Image shows the PDF with the parts listed in the center of the page between images of series 2 and the back cover of the book. On the left you can see the pages 33 to the back cover in the page overview.
Once downloaded I opened the file and navigated to the end of the book. Here I was able to see all the bricks used in the set including their part number and the quantity I’d need to make the same set. This screenshot was taken of the PDF downloaded from on September 17th, 2021.

Purchase the Bricks

When first starting this post I had said I’d start with the Buy Bricks section of the LEGO® Customer Service website. I even posted about it years ago with How to Find and Purchase Extra LEGO® Parts Through Sometime between taking the below screenshots and finishing this post the Buy Bricks section of the LEGO® Customer Service website seems to now redirect you to the LEGO® Pick a Brick. As such these photos may look bit different but they show a process that is still functional so I'm keeping them as is.

Anyway to buy bricks now I’d start with the LEGO® Pick a Brick website and search by the set number to see all of the related and available bricks. Hopefully this way you could purchase all of the needed bricks and build the retired kit yourself! Searching for the Wonder Woman™ BrickHeadz™ (41599) set I was surprised to only see 48 bricks listed as the instruction book showed that I'd need fifty.

Image shows the results of the set search showing a header with an image of the set, the set number, the name, and that 48 bricks are available for that set. Below two rows of parts are showing with a hint of the third row below.
I then used that number to query the Buy Bricks section of the LEGO® Customer Service website to find the matching 48 pieces that go with this set. While scrolling through I saw only one piece wasn’t currently available although as it was bright pink I figured it wouldn’t be seen and could easily be replaced by a different colored part with the same design number. I also used another tab to search the Building Instructions section of the website so I could see how many of each piece I’d need and, later once the parts arrive, use it again to build the set. This screenshot was taken on September 16th, 2021. UPDATE: The Buy Bricks section seems to be no longer. For these parts check out Pick a Brick here.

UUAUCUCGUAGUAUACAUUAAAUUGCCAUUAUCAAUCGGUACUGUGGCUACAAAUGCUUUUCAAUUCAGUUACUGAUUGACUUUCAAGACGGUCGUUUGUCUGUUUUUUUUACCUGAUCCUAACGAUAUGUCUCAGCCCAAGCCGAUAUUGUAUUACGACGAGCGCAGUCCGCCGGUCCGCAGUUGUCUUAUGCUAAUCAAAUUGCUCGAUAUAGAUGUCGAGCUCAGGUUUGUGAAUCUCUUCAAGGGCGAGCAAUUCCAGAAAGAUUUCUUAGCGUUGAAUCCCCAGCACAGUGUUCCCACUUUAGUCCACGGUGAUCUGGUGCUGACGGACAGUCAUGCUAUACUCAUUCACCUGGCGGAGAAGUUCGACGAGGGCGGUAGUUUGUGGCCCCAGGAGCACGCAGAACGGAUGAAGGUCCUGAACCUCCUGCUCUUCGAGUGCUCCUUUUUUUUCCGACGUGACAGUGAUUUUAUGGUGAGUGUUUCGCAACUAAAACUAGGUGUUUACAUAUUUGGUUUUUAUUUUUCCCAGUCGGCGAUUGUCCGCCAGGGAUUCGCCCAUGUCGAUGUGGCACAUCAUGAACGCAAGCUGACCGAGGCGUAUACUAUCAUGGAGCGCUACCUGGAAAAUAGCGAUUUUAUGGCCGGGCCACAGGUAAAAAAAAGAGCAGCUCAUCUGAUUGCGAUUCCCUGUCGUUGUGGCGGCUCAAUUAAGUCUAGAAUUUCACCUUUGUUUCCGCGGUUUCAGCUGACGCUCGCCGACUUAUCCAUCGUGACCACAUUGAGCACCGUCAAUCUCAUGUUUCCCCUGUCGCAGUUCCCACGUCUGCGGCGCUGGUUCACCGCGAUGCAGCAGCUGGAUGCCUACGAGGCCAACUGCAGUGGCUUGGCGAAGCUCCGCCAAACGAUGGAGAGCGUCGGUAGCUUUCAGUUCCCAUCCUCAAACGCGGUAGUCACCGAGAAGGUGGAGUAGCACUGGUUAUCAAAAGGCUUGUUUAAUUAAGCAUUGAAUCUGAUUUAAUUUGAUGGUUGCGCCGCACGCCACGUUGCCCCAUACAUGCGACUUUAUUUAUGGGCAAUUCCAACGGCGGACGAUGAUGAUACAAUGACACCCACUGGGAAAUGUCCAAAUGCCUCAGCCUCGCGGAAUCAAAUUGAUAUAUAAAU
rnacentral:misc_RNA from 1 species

While selecting the bricks for this set I took a screenshot of the brick list in the instructional PDF and went through each one individually. For the bricks available I added the quantity needed to my cart and then crossed that item off of the screenshot. If a brick was out of stock I knew I could wait for it to come in or, more likely, used the brick's design number to see if it came in a different color. If there were no similar bricks I next needed to do a bit more detective work and look through the instructions for where the brick was used to see if it was hidden or not. Depending on the brick and how it was used I could then combine different bricks together to make something similar, find something completely different that fulfills a similar purpose, or skip it all together.

I went through all 48 of the bricks needed and either added them in the right quantities or knew I needed to figure out a substitute. With the physical crossing off of each item from my screenshot I knew I wasn't going to forget anything.

And Now Wait...

Once the bricks and any required replacements are ordered all that's left to do is wait for them to arrive and then jump into the build!

Closeup image of the slightly dusty Wonder Woman™ BrickHeadz™ years later.
The final Wonder Woman™ BrickHeadz™ LEGO® set built years ago and well loved.

Even More!

I love how LEGO® keeps all of their instructions available online making it easier to build past sets.

Sewing Machines

I especially appreciated this fact when I stumbled across a Disney Princess set number 40388, including a sewing machine, that was out of stock but on sale through the LEGO® website. At first I waited patiently hoping it would come back but then I decided, just for fun, to look up the instructions and check out the coorelating Pick a Brick parts. I realized the resulting brick count matched the unique bricks shown in the instructions, ignoring the capes, so I assumed I could easily recreate the set. And I could! Other than the missing stickers and the capes I had the set! And then later when I found another sewing machine set I repeated the process again. This time the lack of stickers were a good thing as the white board now looks ready for a planning session. And technically it may have been even cheaper than the set if, both times, I had only bought the sewing machine and ignored the rest. More recently I heard about a vintage sewing machine included with one of the jazz sets so maybe I should go check out those instructions and buy the parts for just the sewing machine and ignore the rest of the set.